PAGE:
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NIV is used unless otherwise noted.

The Rough, the Smooth: Day 1

God bless thy year!
Thy going in, thy coming out,
Thy rest, thy traveling about.
The rough, the smooth,
The bright, the drear.
God bless thy year!  Old English prayer

There is something about a new year that gives us a sense of fresh beginnings and slates-wiped-clean. But—unless Jacob Marley pays us a visit--most of us will wake up on any given January 1 with pretty much the same problems and opportunities we turned the light out on at 11:59 on December 31.

The lines above, often called “A Prayer for the New Year,” could just as truly be called “A Prayer for the New Day,” because our days are the bricks on which our year is built and the material from which a life of both change and stability are fashioned.

Why is it, then, that we celebrate our new years as if they held an almost magical ability to create change, yet we greet the beginning of most days like an old, somewhat tedious, friends whose presence is a given, until one day, whether through tragic circumstances or the inevitability of old age, we realize that our days are not endless, but numbered. And for many, it is then that they stop leaning forward for a glimpse into the future and rest in the time at hand, understanding that today and this minute are all that we have.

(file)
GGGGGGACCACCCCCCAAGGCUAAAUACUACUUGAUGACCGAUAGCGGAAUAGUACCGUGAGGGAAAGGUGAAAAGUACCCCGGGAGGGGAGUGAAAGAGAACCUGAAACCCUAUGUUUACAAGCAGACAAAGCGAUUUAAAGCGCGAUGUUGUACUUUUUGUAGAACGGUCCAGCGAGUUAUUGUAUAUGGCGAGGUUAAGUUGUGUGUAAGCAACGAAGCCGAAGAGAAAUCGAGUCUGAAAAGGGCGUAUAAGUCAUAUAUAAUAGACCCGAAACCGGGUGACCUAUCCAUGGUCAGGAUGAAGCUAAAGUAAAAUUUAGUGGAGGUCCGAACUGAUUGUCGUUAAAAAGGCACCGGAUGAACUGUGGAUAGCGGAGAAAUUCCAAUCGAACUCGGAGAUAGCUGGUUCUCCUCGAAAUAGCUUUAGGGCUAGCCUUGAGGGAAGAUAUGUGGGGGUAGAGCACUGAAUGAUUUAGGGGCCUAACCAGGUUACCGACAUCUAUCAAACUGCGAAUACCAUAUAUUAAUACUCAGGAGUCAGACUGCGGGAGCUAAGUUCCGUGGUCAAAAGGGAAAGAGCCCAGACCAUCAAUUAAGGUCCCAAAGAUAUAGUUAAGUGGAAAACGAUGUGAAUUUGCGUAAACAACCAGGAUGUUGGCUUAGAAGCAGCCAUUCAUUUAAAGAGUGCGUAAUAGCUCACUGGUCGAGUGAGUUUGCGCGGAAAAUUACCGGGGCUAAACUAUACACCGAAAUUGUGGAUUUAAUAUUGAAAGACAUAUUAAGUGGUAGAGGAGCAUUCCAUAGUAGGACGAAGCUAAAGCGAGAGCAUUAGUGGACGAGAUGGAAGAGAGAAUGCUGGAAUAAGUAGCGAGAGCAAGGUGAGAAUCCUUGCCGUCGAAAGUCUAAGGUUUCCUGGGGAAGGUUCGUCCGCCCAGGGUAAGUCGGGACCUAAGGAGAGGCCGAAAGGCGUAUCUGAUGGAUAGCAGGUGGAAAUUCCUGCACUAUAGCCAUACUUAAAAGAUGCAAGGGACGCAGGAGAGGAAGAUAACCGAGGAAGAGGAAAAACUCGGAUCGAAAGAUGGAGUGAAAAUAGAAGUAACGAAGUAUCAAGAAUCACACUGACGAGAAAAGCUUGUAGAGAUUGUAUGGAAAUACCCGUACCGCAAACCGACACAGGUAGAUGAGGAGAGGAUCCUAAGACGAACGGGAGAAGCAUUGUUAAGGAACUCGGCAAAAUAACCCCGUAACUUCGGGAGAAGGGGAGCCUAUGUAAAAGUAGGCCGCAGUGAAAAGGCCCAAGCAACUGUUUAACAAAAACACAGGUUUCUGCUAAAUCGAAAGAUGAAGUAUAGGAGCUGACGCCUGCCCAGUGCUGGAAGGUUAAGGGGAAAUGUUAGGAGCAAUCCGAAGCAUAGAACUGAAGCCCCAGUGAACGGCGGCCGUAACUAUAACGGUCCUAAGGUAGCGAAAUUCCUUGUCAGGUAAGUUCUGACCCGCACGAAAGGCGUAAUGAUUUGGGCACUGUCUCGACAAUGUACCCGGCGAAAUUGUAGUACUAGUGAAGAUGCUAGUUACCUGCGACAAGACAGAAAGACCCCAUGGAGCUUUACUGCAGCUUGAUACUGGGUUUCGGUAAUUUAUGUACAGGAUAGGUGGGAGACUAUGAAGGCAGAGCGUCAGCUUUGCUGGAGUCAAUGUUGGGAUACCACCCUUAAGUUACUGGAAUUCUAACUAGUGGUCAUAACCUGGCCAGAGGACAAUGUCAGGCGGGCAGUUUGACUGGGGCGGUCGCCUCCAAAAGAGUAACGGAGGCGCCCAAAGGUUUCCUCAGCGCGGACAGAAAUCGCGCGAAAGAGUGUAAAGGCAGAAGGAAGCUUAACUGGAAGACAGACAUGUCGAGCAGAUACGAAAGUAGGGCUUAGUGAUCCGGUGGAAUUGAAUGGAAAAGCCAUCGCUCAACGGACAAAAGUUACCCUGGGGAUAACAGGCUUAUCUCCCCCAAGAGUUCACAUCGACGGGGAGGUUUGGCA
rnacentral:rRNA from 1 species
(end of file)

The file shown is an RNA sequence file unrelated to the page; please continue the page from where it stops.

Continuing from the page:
I imagine the words of the above prayer cross-stitched on a sampler and resident on the plastered wall of a small cottage with smoke curling out of its chimney and a cozied teapot ready for unexpected guests. The people who made their home in that little cottage in a place and time that might seem so different from ours, lived, as do we, with days and years that were filled with joys, sorrows, blessings and challenges. And perhaps, with the wisdom to know that the only life we can count on is the one we have in this moment.

…give thanks in all circumstances… (1 Thessalonians 5:18).

Nancy Shirah

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